The ocean-facing facade of the Swan’s Island house, which marries the vision of original Kragsyde architects Peabody & Stearns with the passion of Jane Goodrich and James Beyor.Photo Credit : Bret Morgan
By Jane Goodrich
The tale of Kragsyde—and what happened when a young couple first traveled to see the legendary shingled mansion in Manchester-by-the-Sea, Massachusetts—unfolds like an O. Henry short story. Except, that is, the events stretch out for 15 years, as Jane Goodrich and James Beyor re-create the turn-of-the-century beauty from scratch. In the afterword of Goodrich’s novel about original Kragsyde owner George Nixon Black, The House at Lobster Cove, she tells her real-life story of encountering Kragsyde and then building the extraordinary replica now perched on Swan’s Island, Maine. —Ed.
Coup de foudre, the French say, literally “bolt of lightning” but meaning love at first sight. How better to describe the instant when a chance meeting alters a life? For who can ever expect the sudden place, or glimpse, or turn of the page that will change everything?
I first met Kragsyde in an old box of books my father brought home. I was barely a teen, and paid little attention to the text or the title of the book, but the photographs and drawings gave me goose bumps. These were the most beautiful houses I had ever seen. Not impossible fantasy castles, nor the monotonous ranch-style structures of my own time. Shingled and playful and shaggy, like a favorite dog, full of mysterious rooms placed at odd angles. Fanciful windows I longed to peer from, deep cool porches, turrets with pennants flying from spires, promising endless summers. And the names: Grasshead, Sunset Hall, Wave Crest, Seabright.
I studied them all, but even then my eyes could discern the masterpiece: Kragsyde. With its fantastic arch large enough to drive through, its beautiful stones, its romantic perch above the sea, this was the pinnacle. Completely beguiled, I clipped the photograph from the book and pasted it into a scrapbook. The sepia photo, held in my hands for the first time, was both a daydream and a seed.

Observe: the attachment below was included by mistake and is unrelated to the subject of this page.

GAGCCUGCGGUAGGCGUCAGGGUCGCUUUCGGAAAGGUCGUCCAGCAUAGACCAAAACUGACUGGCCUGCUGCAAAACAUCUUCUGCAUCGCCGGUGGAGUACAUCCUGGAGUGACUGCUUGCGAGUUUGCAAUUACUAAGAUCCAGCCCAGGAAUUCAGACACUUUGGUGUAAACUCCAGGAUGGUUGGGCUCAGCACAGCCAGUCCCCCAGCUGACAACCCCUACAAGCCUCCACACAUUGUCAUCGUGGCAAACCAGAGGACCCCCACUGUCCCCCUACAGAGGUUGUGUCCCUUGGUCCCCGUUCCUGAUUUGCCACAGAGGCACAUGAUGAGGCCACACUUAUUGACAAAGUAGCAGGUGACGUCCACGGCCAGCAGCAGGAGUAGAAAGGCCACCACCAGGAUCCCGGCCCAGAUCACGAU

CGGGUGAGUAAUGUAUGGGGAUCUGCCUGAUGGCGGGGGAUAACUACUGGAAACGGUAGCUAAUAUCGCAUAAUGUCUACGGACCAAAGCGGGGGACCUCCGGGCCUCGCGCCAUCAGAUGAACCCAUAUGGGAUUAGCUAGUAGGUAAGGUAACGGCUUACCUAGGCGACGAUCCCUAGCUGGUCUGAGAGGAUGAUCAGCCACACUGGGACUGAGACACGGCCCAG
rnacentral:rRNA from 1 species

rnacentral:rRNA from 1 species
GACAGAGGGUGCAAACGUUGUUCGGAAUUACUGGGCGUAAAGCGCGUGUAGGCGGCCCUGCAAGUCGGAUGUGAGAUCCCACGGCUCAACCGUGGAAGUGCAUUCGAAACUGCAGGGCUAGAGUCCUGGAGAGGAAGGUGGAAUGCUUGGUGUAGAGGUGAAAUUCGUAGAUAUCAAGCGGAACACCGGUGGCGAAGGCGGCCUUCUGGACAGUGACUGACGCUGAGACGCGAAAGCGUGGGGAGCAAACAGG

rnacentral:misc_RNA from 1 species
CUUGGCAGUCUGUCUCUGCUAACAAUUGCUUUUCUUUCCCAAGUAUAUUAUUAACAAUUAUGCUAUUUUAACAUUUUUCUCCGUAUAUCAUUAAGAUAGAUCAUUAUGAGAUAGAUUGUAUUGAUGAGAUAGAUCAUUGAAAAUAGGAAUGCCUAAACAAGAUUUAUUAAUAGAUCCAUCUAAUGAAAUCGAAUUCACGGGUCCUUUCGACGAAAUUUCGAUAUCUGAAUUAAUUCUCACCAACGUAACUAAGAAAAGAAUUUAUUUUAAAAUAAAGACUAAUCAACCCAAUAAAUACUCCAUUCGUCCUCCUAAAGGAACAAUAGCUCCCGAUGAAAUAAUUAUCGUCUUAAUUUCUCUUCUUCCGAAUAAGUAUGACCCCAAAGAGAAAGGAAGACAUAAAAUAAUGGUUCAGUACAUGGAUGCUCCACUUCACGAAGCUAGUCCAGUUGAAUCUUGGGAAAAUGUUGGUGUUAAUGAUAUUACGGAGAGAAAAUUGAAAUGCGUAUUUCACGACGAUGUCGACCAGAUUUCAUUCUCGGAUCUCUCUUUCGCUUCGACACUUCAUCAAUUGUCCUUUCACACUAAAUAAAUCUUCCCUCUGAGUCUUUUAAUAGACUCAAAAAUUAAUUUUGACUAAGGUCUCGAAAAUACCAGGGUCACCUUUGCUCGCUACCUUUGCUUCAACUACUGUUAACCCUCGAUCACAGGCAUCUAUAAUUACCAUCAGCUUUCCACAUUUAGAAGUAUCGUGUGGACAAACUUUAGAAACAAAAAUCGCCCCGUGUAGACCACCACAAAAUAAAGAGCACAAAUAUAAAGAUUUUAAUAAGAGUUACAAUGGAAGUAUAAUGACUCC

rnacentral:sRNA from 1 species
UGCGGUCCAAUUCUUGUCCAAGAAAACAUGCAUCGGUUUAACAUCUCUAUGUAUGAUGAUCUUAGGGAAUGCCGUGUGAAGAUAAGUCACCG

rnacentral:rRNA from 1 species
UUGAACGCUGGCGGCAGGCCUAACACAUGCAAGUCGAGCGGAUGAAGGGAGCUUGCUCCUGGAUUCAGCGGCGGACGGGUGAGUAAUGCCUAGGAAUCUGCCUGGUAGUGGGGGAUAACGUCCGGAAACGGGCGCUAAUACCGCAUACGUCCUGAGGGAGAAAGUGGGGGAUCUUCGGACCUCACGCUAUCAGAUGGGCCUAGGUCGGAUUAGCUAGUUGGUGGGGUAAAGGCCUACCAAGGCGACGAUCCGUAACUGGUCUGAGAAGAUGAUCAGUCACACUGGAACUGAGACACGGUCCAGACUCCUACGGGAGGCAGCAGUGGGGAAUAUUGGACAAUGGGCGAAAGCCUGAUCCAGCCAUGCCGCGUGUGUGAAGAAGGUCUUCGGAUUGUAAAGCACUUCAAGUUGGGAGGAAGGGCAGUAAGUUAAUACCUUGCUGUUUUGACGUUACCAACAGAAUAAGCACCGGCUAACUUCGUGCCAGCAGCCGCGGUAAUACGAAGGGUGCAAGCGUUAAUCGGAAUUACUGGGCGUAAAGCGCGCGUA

Seven years later, in 1979, I was working in a sunny window in my college library. I was a sophomore, engaged to be married to a man who was already on his path to becoming a master builder. We often talked about the house he hoped to design and build for us. I was studying graphic arts and photography, but on that day I was awaiting the delivery of several books for an art history project. When the stack slid off the library cart, the top volume, The Shingle Style and the Stick Style, by Vincent Scully, had a familiar photo on its cover. Once again, the attraction was instant. Lightning had struck in the same place twice.
My fiancé, James Beyor, and I decided to make a trip to Manchester-by-the-Sea, in Massachusetts, to find Kragsyde. We became more excited about our own house plans as we drove, devising ways in which elements of the style could be incorporated into our own house. But our search was brief: Ten minutes after we entered the Manchester Historical Society, we learned from the docent, Frances Burnett, that Kragsyde had been torn down in 1929. Sensing our disappointment, she offered to take us to the original site. Rounding the edge of Lobster Cove and seeing the bare cliff top where I had always envisioned the great house standing was like witnessing an extinction.
“The building plans can still be found in the Boston Public Library,” Ms. Burnett told us, consolingly.
In a small diner in Manchester, James and I ate lunch and commiserated. It was an easy first step to our mutual complaints that the world of 19th-century beauty was slipping away, to be replaced by the cheap and poorly crafted. It was frighteningly easier to come to our next wild thought. Why not rebuild Kragsyde? We knew how. It was a leap, a whim, an oath, an ambition, a naïveté, and a motif for the long marriage that followed.